Parliament has debated the Budget Framework Paper (BFP) for the Financial Year 2018/2019, with the Energy and Works sectors topping projections for next year’s allocations.
In the Majority Report presented by the Budget Committee Chairperson, Hon. Amos Lugoloobi (NRM, Ntenjeru North), the national budget projections for financial year 2018/2019 suggests minor variations from its predecessor.
The Ministry of Works and Transport, the most financed sector in the current financial year at Ushs 4.5 trillion, tops next Financial Year’s projections with Ushs 4.7 trillion.
This is followed by the Ministry of Energy and Mineral Development, which is tentatively allocated Ushs 2.5 trillion from Ushs 2.3 trillion, the current Financial Year’s allocation.
The Ministry of Education and Sports is set to suffer a slight reduction from the current Ushs 2.8 trillion to the projected Ushs 2.7 trillion. Domestic Revenue, on the other hand, is projected to rise from Ushs15.9 trillion to Ushs16.8 trillion.
According to the Budget Framework Paper, the total resource inflow for Financial Year 2Ol8 /19 is projected to increase from Ushs 29 trillion in Financial Year 2Ol7/18, to Ushs 29.2 trillion in 2018/2019.
The BFP attributes the projected increase in the resource envelope to an anticipated rise in domestic revenue collections by the Uganda Revenue Authority and external financing by donors.
“The increase in resource inflow is attributed to increase in domestic tax revenues. The increasing budget support may indicate that the donor community is slowly re-gaining confidence in the country’s reformed financial management systems,” reads the Report in part.
The BFP, however, faults government for persistent procrastination on the provision of Uganda’s employment statistics in the BFP, a requirement of the Public Finance Management Act.
The Committee reports that in defense of government, Finance Minister Matia Kasaija (NRM, Buyanja) said, “the rate of employment and unemployment are not collected on a regular basis and are therefore not available.”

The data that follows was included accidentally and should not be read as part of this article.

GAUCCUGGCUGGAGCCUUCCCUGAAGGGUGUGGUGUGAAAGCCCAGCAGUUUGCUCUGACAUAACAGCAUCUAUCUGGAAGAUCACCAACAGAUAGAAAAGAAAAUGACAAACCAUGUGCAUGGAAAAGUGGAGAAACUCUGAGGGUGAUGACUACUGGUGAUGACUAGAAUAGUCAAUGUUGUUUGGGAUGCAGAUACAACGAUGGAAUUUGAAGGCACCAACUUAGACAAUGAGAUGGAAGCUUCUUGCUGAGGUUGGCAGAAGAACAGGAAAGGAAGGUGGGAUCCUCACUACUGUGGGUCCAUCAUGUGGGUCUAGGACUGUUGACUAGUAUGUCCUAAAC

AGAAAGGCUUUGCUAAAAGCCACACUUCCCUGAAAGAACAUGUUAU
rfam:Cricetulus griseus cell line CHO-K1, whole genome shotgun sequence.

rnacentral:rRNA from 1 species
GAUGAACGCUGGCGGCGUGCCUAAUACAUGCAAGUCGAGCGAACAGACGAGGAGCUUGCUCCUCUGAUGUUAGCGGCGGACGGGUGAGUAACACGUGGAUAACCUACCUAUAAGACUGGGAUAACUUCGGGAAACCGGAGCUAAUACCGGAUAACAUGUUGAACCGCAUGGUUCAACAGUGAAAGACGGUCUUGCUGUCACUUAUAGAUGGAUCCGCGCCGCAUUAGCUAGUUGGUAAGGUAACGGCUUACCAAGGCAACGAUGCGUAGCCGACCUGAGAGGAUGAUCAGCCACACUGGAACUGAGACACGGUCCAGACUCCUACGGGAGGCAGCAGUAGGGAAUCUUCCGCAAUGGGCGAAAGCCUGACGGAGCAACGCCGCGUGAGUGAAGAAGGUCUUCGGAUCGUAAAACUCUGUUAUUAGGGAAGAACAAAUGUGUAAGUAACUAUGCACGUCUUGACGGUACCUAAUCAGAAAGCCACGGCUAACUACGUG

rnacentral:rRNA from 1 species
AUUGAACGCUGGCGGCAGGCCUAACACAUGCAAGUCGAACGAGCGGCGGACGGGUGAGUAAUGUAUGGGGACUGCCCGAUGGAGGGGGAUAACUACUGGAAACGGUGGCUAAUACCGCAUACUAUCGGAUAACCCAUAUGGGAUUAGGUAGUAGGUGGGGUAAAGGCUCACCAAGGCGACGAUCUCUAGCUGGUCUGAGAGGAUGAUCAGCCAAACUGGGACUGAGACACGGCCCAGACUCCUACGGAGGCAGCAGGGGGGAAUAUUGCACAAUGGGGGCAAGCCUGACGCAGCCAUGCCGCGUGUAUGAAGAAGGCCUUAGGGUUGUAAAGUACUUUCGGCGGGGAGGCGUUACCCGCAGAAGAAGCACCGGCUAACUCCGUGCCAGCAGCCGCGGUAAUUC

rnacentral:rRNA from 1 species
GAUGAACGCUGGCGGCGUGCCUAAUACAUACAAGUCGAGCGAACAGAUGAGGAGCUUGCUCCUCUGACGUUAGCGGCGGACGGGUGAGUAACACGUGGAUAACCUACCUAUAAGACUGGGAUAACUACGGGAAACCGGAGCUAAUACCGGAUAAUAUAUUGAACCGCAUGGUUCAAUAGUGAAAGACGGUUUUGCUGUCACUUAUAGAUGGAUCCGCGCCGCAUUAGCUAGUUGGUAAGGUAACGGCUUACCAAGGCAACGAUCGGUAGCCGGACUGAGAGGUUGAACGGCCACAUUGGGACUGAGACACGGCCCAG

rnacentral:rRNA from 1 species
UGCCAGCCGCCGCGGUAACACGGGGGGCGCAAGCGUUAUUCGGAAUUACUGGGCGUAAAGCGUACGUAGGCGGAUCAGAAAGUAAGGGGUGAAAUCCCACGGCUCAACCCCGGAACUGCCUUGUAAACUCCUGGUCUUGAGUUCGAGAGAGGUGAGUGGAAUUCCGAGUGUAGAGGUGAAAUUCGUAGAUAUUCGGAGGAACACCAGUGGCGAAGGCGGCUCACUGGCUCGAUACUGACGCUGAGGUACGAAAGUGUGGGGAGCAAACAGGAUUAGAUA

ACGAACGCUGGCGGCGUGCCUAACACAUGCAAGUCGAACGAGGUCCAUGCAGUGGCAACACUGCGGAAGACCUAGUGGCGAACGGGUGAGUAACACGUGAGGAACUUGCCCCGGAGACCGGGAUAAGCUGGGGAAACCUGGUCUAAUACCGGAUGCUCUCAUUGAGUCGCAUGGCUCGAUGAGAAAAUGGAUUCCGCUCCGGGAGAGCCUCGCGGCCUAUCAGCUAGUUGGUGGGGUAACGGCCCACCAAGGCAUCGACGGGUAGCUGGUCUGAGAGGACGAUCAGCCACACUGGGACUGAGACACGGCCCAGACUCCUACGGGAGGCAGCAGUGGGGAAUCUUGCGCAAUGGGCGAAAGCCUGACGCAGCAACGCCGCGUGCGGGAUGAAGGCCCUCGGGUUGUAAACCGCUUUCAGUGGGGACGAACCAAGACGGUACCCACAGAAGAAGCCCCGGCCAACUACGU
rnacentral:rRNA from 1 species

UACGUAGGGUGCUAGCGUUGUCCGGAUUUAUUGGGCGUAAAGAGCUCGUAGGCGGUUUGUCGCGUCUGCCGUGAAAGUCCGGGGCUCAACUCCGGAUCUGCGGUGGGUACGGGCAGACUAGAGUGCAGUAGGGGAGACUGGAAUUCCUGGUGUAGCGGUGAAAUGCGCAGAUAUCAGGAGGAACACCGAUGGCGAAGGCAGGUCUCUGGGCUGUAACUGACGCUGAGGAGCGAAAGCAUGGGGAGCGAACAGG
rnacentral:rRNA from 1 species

On alignment of the national budget with the National Development Plan (NDP), the framework paper expresses pessimism about the achievement of the middle income target by 2020. This is because the projections note a gross misalignment with the NDP.
Of the 127 Ministries, Departments and government Agencies, only 31 have fully aligned their budgets to the NDP II; a key indicator of the nation’s preparedness to achieve the much famed Middle Income Status in 2020. In Local Governments sector, only 33 out of the 157 are aligned to the NDP.
The Budget Committee pressed an alarm button on poverty, saying the trends point to an upsurge in poverty especially in the rural areas. “The rural areas with about 76 percent of the population contribute 86 percent of national poverty. On the other hand, the urban areas represent 24 percent of the population and contribute 14 percent of national poverty,” the report noted.
The rising poverty, notes the report, can only be reversed by balancing allocations between social and infrastructural development. “To reverse the worsening poverty indicators; there is need to balance social and infrastructure spending so as to ensure economic growth does not leave anyone behind. Towards this end, the planning and budgeting frameworks need to learn from what has gone wrong and where redirection is required.”
MP Margaret Baba Diri (NRM, Koboko) said government should equally lay emphasis on areas of direct social impact other than the near strict adherence to infrastructure.
“I know we need infrastructure, we need roads. But I think we should also invest in human capital. We put a lot of money in roads but over Ushs1 trillion is going to be returned to the national treasury because it was unspent by UNRA [Uganda National Roads Authority],” said Baba Diri.
Hon. Judith Alyek (NRM, Kole) said that community access roads should be equally prioritized as much as the national roads.
“National roads are getting more money than the community roads. The communities are much more interested in the [community] roads because that is what their children use to go to school,” said Alyek.
A Minority Report presented by MP Muhammad Kivumbi (DP, Butambala) said the cost of roads in Uganda is inflated, asking Parliament to keenly interest itself in the matter. “It was also noted with concern that unit costs of externally funded roads are quite inflated as compared to costs in the region,” partly read the report.
MPs Cecilia Ogwal (FDC, Dokolo) and Robert Centenary (FDC, Kasese Municipality) raised the same concerns.
Section 9 of the Public Finance Management Act requires the BFP to be passed by the 1st of February every year. Presentation of Ministerial Policy Statements follow, leading to passing of the Budget estimates by May 31 2018 as required by the Public Finance Management Act.